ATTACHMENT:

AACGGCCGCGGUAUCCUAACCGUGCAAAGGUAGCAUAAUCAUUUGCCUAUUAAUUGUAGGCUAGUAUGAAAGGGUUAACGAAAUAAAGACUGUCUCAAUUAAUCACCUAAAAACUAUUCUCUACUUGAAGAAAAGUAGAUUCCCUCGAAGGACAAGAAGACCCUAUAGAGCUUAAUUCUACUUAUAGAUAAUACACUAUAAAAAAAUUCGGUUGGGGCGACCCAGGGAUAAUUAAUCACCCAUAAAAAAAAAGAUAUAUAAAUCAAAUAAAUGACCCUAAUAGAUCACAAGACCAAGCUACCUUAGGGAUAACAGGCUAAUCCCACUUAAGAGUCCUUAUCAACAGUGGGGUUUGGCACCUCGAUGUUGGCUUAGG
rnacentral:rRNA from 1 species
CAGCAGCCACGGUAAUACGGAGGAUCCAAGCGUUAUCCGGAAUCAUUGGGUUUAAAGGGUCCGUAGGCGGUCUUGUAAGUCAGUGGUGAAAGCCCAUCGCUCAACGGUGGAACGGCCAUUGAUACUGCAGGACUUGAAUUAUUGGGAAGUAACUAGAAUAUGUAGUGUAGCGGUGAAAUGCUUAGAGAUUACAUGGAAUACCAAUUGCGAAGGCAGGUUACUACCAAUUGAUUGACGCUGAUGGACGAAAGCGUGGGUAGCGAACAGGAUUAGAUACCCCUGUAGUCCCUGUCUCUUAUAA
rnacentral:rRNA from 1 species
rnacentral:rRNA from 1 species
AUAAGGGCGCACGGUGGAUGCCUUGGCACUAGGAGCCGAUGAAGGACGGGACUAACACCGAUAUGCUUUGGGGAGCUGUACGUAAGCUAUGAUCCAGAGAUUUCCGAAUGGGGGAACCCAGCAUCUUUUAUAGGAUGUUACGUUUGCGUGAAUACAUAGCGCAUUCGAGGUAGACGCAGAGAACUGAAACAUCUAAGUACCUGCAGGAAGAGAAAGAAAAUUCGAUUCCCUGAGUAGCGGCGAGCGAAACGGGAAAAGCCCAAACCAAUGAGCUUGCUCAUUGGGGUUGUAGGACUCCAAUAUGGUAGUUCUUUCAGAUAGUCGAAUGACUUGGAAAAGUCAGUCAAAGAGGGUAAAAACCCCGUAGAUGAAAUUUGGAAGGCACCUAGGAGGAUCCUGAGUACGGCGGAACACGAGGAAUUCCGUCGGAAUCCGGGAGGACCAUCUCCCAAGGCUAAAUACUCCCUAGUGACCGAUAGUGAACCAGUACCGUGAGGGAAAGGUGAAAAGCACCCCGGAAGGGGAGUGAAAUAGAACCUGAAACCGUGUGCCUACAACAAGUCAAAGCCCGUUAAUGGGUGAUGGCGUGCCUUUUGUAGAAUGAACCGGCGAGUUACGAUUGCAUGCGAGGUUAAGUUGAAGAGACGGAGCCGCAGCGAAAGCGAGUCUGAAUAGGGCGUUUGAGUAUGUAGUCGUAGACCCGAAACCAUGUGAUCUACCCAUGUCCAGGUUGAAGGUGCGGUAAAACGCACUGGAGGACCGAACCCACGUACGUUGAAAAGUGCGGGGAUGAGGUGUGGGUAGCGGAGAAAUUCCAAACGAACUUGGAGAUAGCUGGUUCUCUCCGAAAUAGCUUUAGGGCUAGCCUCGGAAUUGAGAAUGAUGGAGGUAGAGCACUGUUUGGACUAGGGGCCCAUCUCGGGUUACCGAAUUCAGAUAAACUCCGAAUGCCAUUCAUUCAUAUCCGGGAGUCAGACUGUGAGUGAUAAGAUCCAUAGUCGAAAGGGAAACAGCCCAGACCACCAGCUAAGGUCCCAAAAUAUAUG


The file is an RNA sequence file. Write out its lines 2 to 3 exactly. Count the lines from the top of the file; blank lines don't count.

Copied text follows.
rnacentral:rRNA from 1 species
CAGCAGCCACGGUAAUACGGAGGAUCCAAGCGUUAUCCGGAAUCAUUGGGUUUAAAGGGUCCGUAGGCGGUCUUGUAAGUCAGUGGUGAAAGCCCAUCGCUCAACGGUGGAACGGCCAUUGAUACUGCAGGACUUGAAUUAUUGGGAAGUAACUAGAAUAUGUAGUGUAGCGGUGAAAUGCUUAGAGAUUACAUGGAAUACCAAUUGCGAAGGCAGGUUACUACCAAUUGAUUGACGCUGAUGGACGAAAGCGUGGGUAGCGAACAGGAUUAGAUACCCCUGUAGUCCCUGUCUCUUAUAA